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Could it be too soon to think about New London's mayoral race of 2015, even as the March winds of 2014 still blow so cold?
After all, the country is already engaged in presidential politics of 2016, from the deflation of Chris Christie to Hillary Clinton's reach for the family crown.
Besides, I think New Londoners have thoroughly enjoyed having a full-time mayor to kick around for the last couple of years, for the first time in a long while.
Imagine the fun of picking one again.
The inaugural full-time mayor, Daryl Finizio, must like the job, because he has officially announced he's in for another run next year. This is a little like stepping off the roller coaster and getting in line to buy another ticket.
City Councilor and city firefighter Michael Passero hasn't announced yet, but he couldn't look more like a candidate if he wore a sandwich board with his name on it around town.
I'm not sure whether Passero more likes the idea of being mayor or the idea of evicting his fellow Democrat from City Hall. My advice: Don't get between the two of them, any more than you would want to separate fighting dogs.
For comic relief, there is former City Councilor Marie Friess-McSparran, who, you may recall, ran again for council last election as a Republican, after Democrats rejected her. She finished third from the bottom of the big pack.
Friess-McSparran, who said recently she is exploring a run for mayor, seems to have as a principal plank in her platform the fact that she hates the incumbent mayor. But, heck, stand in line. I think a lot of people are probably prepared to run on that platform.
There are others in the current cast of characters running the city who certainly may give a mayoral run a go.
But I am hoping for a wider field, the more the merrier.
I know of one member of the New London Democratic Town Committee who would make an excellent mayoral candidate. But city Democrats rejected his council bid for the last election and probably can't be counted on to acknowledge his exceptional qualifications in 2015.
Chris Soto, a Latino who grew up in a modest neighborhood in New Jersey, graduated in 2003 from the Coast Guard Academy. After serving as a Coast Guard officer in drug interdiction and harbor defense, he returned to the academy to work in its diversity office.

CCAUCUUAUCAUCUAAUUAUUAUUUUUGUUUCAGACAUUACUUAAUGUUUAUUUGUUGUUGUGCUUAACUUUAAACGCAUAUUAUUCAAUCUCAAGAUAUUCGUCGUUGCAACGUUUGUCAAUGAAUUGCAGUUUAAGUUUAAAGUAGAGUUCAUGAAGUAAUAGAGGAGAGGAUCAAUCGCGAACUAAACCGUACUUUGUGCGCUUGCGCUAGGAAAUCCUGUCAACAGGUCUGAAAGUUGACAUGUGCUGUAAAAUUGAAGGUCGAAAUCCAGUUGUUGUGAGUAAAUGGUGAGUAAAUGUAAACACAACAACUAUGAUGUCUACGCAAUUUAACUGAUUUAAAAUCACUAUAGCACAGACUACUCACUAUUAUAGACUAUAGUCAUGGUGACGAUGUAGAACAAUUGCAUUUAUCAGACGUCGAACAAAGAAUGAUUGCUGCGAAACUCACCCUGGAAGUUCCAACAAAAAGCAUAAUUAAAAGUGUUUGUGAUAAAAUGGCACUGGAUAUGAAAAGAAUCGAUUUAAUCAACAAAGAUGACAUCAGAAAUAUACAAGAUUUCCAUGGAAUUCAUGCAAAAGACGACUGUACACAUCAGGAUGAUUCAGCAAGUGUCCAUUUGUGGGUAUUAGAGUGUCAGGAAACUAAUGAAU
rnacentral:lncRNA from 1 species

He later earned a master's degree from Brown University, then went on to start a New London nonprofit dedicated to helping high school kids, especially the children of parents who did not go to college, to navigate the process of applying to college.
It is hard to imagine a better set of credentials for someone running for mayor in New London.
I've met Soto a few times and he strikes me as not only smart, honest and polite, as are so many Coast Guard Academy graduates, but also engaged, charming and inclusive, someone well suited to weave together the various factions of the city.
I have also heard some mention of the intriguing notion of state Rep. Ernest Hewett making a run for mayor.
I believe Hewett might have felt betrayed by the Democratic leadership in Hartford, after his innocent snake remark. But they have the chance to make it up to him this session, if they help put into law a requirement that New London and other municipalities can tax nonprofit colleges and hospitals.
That would be some big bacon for Hewett to bring home from Hartford and lay out for the 2015 New London mayoral race.
Without the benefit of polling, it would be hard to fully assess Mayor Finizio's chances at winning a second term. But reading the social media tea leaves, it would seem it doesn't look so good.
It is hard to imagine how he can successfully climb out of the quagmire of a broken public works department and an understaffed and combative police department run by a chief who has been missing for so long it seems like they should issue a silver alert for her.
I don't think they can have enough simulated groundbreaking for a new Coast Guard Museum by the fall of 2015 to make that project a factor.
More worrisome for the mayor is the fact that Democrats didn't even re-elect him to their town committee. It's hard to think they will support him for another term as mayor.
But, hey, the winds of March haven't even started to warm up yet.
This is the opinion of David Collins